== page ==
Cyclical Stock

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A cyclical stock will change in value depending on macroeconomic events. Demand is generally elastic for a cyclical stock because its value is correlated with economic events; a cyclical stock may be distinguished from a defensive stock, usually a staple product or service, that is impacted less by market fluctuations.

Cyclical stocks are more volatile than defensive stocks. For example, companies that specialize in hotels, travel agencies, and vehicle manufacturers typically have cyclical stocks. On the other hand, defensive stocks are less reactive to external shocks, because consumer demand for those stocks remains relatively constant despite changes in the status of the economy. For example, companies that manufacture essential household goods are defensive stocks.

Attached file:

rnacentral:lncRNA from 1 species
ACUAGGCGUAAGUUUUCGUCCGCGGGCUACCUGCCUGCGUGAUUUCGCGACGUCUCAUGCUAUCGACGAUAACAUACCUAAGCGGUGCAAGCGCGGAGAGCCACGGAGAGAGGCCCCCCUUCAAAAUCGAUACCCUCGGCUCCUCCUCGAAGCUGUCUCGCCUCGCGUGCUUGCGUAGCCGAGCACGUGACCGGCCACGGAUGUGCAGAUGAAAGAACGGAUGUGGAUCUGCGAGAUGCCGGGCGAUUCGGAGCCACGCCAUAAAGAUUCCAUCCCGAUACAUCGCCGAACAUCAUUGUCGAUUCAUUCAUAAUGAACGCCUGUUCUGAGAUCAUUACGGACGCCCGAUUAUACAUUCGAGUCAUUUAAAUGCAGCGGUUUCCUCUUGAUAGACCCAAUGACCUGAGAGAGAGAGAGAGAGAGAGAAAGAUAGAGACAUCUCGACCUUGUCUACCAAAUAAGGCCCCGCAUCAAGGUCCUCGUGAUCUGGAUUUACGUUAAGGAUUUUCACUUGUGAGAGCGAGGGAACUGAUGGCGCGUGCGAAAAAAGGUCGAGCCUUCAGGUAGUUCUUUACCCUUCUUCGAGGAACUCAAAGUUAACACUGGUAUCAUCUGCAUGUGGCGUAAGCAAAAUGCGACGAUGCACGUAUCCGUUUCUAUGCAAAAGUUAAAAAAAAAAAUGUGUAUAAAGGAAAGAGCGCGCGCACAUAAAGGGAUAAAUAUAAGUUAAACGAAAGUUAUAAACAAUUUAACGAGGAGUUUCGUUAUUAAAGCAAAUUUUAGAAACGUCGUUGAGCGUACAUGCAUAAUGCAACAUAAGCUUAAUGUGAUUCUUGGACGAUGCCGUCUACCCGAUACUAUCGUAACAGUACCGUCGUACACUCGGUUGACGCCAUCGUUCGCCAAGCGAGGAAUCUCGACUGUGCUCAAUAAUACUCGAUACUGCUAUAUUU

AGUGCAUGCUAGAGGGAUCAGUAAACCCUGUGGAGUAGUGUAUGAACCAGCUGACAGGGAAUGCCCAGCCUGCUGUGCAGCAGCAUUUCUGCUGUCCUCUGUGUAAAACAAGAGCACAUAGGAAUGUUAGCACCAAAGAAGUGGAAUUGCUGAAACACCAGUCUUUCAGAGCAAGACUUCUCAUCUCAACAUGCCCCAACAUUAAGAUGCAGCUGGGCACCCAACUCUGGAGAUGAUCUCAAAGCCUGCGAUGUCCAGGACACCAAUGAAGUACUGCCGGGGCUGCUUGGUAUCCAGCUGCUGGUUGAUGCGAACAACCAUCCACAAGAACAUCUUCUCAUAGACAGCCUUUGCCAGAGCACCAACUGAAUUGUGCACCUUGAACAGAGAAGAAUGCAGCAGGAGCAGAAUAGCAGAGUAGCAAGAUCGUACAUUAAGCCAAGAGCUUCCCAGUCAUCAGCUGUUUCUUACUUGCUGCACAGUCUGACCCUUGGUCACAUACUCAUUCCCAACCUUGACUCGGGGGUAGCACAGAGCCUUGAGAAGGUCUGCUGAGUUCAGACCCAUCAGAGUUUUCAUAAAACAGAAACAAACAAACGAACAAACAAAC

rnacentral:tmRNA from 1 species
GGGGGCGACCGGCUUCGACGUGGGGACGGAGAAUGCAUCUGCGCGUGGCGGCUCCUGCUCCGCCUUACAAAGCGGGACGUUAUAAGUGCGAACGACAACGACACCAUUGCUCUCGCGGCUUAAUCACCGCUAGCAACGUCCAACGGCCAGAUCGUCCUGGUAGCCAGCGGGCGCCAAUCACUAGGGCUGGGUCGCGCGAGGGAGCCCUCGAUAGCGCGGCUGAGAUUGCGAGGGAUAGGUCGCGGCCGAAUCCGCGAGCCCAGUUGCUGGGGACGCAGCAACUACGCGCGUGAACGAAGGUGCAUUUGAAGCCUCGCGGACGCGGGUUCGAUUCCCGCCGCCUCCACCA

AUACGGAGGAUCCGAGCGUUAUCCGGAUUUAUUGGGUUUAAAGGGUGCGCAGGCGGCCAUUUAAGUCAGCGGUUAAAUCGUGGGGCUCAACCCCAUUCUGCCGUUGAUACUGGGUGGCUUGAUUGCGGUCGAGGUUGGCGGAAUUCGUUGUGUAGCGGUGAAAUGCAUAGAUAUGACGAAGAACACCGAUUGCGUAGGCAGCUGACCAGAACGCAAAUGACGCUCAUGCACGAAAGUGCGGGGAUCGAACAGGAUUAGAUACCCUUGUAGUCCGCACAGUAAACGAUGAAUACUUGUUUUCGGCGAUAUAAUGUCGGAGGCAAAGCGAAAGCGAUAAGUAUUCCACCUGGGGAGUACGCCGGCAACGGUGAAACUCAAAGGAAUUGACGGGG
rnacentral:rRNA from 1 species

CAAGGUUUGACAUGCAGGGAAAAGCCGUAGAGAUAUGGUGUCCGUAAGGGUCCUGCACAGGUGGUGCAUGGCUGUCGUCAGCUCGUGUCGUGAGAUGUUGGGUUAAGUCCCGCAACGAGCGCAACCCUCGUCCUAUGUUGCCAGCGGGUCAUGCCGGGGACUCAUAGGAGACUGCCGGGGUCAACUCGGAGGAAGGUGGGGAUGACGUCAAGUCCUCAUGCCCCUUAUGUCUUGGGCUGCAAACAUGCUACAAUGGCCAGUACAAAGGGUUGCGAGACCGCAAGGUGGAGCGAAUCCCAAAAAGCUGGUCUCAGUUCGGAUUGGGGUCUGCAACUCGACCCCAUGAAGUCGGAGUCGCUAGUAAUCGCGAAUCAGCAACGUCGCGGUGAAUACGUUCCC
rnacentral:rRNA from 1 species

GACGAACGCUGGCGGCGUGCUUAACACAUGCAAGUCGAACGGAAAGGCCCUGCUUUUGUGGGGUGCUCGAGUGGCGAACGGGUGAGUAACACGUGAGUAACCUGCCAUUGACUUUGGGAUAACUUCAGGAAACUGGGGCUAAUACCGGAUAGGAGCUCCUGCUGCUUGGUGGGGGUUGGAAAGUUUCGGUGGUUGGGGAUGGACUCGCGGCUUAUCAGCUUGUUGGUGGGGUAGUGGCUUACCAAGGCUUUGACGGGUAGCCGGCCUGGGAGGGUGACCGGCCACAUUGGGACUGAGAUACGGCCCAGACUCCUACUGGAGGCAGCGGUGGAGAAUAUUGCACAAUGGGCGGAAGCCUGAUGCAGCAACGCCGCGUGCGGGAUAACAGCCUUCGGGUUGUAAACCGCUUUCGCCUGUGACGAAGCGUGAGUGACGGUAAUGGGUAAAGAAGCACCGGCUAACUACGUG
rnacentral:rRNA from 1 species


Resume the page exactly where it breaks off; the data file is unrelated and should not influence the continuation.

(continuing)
When the economy is in a bull market or expansionary phase, investors tend to purchase cyclical stocks. When the economy is in a bear market or recessionary phase investors will divest from cyclical stocks in favor of defensive stocks, which are more likely to have consistent returns during an economic downturn.

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